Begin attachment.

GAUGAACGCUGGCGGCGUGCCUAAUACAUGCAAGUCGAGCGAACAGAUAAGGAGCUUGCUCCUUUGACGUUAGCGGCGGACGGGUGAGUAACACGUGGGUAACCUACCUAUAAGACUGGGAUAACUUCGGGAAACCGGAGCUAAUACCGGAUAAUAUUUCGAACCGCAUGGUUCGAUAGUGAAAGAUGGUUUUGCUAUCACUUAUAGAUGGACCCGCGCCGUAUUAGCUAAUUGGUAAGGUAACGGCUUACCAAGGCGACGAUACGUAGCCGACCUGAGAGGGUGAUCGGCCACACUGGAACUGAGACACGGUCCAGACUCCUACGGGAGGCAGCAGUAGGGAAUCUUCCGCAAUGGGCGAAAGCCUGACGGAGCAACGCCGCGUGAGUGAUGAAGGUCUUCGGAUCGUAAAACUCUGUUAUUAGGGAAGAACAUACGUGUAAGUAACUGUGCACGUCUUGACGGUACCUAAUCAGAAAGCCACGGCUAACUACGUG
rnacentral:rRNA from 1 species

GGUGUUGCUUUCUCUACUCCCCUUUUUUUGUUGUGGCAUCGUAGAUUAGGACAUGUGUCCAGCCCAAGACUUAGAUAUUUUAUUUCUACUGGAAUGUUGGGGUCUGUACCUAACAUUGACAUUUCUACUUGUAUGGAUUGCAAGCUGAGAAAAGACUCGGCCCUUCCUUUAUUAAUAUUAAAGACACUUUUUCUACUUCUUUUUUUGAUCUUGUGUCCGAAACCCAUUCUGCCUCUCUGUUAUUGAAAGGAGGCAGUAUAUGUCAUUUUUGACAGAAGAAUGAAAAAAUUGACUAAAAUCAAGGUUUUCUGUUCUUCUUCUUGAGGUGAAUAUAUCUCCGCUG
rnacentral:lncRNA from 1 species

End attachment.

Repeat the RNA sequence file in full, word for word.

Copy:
GAUGAACGCUGGCGGCGUGCCUAAUACAUGCAAGUCGAGCGAACAGAUAAGGAGCUUGCUCCUUUGACGUUAGCGGCGGACGGGUGAGUAACACGUGGGUAACCUACCUAUAAGACUGGGAUAACUUCGGGAAACCGGAGCUAAUACCGGAUAAUAUUUCGAACCGCAUGGUUCGAUAGUGAAAGAUGGUUUUGCUAUCACUUAUAGAUGGACCCGCGCCGUAUUAGCUAAUUGGUAAGGUAACGGCUUACCAAGGCGACGAUACGUAGCCGACCUGAGAGGGUGAUCGGCCACACUGGAACUGAGACACGGUCCAGACUCCUACGGGAGGCAGCAGUAGGGAAUCUUCCGCAAUGGGCGAAAGCCUGACGGAGCAACGCCGCGUGAGUGAUGAAGGUCUUCGGAUCGUAAAACUCUGUUAUUAGGGAAGAACAUACGUGUAAGUAACUGUGCACGUCUUGACGGUACCUAAUCAGAAAGCCACGGCUAACUACGUG
rnacentral:rRNA from 1 species

GGUGUUGCUUUCUCUACUCCCCUUUUUUUGUUGUGGCAUCGUAGAUUAGGACAUGUGUCCAGCCCAAGACUUAGAUAUUUUAUUUCUACUGGAAUGUUGGGGUCUGUACCUAACAUUGACAUUUCUACUUGUAUGGAUUGCAAGCUGAGAAAAGACUCGGCCCUUCCUUUAUUAAUAUUAAAGACACUUUUUCUACUUCUUUUUUUGAUCUUGUGUCCGAAACCCAUUCUGCCUCUCUGUUAUUGAAAGGAGGCAGUAUAUGUCAUUUUUGACAGAAGAAUGAAAAAAUUGACUAAAAUCAAGGUUUUCUGUUCUUCUUCUUGAGGUGAAUAUAUCUCCGCUG
rnacentral:lncRNA from 1 species